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Great Scott, Washington must be embarrassed on the other side.
Almost everything I put in a search bar has to look suspicious to an NSA person.
I'm going to leave you with these two thoughts. The first is from Frank Church, the former influential U.S. Senator from Idaho (1957 to 1981). He was, among other things, one of the Senate’s earliest opponents of the Vietnam War, a former Chairman of the Senate Foreign Relations Committee, and the Chairman of the Committee (bearing his name) that in the mid-1970s investigated the widespread surveillance abuses committed under every President since FDR (that was the investigation that led to the enactment of FISA, the criminal law prohibiting the Executive Branch from intercepting the communications of American citizens without first obtaining a warrant from a court). Church wrote:
"That capability at any time could be turned around on the American people and no American would have any privacy left, such [is] the capability to monitor everything: telephone conversations, telegrams, it doesn't matter. There would be no place to hide. If this government ever became a tyranny, if a dictator ever took charge in this country, the technological capacity that the intelligence community has given the government could enable it to impose total tyranny, and there would be no way to fight back, because the most careful effort to combine together in resistance to the government, no matter how privately it was done, is within the reach of the government to know. Such is the capability of this technology…. I don't want to see this country ever go across the bridge. I know the capacity that is there to make tyranny total in America, and we must see to it that this agency and all agencies that possess this technology operate within the law and under proper supervision, so that we never cross over that abyss. That is the abyss from which there is no return."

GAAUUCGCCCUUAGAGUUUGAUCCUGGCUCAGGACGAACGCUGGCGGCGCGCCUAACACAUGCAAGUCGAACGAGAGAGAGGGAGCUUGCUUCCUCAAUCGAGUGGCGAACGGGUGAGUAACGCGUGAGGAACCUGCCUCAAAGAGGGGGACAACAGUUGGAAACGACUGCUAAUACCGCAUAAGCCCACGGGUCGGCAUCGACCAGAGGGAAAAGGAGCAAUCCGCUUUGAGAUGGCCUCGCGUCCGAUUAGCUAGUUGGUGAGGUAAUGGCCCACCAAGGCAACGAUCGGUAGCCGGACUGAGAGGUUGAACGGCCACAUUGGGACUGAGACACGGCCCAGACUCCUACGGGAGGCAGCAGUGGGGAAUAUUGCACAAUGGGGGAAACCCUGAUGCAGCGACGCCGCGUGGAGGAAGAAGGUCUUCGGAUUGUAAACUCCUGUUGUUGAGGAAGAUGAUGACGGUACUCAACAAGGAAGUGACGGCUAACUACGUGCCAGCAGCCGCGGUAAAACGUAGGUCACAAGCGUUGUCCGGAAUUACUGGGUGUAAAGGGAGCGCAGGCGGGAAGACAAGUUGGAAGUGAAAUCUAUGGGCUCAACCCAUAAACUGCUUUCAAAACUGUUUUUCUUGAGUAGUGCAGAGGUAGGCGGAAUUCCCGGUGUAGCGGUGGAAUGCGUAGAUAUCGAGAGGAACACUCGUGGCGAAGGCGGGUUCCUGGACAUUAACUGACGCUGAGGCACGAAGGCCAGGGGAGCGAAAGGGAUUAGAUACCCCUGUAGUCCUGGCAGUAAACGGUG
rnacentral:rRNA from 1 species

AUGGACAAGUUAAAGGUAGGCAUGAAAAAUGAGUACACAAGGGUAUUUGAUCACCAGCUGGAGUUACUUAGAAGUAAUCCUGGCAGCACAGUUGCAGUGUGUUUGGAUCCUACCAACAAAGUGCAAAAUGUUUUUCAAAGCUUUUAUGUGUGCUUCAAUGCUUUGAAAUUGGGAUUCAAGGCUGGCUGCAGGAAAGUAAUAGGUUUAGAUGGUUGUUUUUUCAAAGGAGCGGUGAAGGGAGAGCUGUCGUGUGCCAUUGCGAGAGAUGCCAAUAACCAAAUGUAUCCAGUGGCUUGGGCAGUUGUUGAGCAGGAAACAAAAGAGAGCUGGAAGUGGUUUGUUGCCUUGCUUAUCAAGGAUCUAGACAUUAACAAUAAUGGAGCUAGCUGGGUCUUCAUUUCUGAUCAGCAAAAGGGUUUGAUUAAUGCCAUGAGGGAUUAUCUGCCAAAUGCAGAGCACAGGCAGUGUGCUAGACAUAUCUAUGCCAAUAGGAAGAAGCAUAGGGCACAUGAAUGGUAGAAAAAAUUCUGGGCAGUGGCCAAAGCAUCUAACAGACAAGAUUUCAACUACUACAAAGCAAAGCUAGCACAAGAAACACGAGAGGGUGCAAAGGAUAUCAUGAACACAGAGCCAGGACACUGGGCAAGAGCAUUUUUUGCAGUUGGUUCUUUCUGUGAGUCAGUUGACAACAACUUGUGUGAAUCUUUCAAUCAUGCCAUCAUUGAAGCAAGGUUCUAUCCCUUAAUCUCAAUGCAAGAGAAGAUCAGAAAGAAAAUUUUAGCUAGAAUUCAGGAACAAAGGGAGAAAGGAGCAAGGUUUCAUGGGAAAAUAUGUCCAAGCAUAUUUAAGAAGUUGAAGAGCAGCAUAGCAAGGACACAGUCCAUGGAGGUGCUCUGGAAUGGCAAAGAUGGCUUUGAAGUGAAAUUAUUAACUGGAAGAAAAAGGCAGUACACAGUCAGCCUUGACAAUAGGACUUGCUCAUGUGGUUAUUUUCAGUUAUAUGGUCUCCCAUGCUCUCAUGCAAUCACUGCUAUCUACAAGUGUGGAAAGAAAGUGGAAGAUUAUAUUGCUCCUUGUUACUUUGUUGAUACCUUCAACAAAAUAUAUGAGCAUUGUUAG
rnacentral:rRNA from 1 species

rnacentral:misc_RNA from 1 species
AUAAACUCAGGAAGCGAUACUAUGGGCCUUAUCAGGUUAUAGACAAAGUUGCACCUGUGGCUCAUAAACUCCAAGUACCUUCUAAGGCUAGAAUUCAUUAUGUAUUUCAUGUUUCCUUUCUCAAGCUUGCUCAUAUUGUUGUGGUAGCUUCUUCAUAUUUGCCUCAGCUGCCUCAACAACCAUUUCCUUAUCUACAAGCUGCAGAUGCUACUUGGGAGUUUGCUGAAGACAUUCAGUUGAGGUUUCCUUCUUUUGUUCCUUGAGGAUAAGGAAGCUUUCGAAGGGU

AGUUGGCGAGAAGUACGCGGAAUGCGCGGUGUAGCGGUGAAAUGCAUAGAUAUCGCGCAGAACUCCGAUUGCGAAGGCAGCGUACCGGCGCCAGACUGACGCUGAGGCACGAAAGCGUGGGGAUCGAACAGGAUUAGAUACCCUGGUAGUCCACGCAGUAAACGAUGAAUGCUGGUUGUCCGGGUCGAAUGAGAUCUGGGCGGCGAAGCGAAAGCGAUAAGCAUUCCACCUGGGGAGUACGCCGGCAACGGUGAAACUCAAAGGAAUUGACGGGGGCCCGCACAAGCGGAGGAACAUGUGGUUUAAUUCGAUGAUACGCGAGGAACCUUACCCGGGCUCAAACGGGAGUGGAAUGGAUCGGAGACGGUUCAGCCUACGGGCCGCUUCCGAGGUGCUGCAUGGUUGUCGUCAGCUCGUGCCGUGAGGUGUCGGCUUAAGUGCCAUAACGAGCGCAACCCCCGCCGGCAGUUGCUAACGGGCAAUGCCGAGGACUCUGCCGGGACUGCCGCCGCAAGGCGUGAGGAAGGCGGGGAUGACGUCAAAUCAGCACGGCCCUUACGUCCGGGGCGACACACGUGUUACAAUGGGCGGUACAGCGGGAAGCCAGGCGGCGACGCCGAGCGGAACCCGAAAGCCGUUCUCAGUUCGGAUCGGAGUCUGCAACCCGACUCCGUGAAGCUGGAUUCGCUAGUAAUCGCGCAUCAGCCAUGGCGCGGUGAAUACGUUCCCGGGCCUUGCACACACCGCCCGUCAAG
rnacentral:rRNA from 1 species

The second comes from William O. Douglas, former Associate Justice of the United States Supreme Court. His term, lasting 36 years and 209 days (1939–75), is the longest term in the history of the Supreme Court. Douglas holds a number of records as a Supreme Court Justice, including the most opinions. In 1975 Time magazine called Douglas "the most committed civil libertarian ever to sit on the court.” He said, in a 1975 speech to a group of young lawyers in his home, Washington State:
“As nightfall does not come all at once, neither does oppression. In both instances, there is a twilight when everything remains seemingly unchanged. And it is in such twilight that we all must be most aware of change in the air — however slight — lest we become unwitting victims of the darkness.”
These men were neither paranoids, nor cranks. They understood that any infringement on the Constitutional protections against the kind of illegal surveillance and spying now being conducted against all Americans by the NSA and others needs to be crushed, and those responsible removed from office and held accountable for their criminal acts.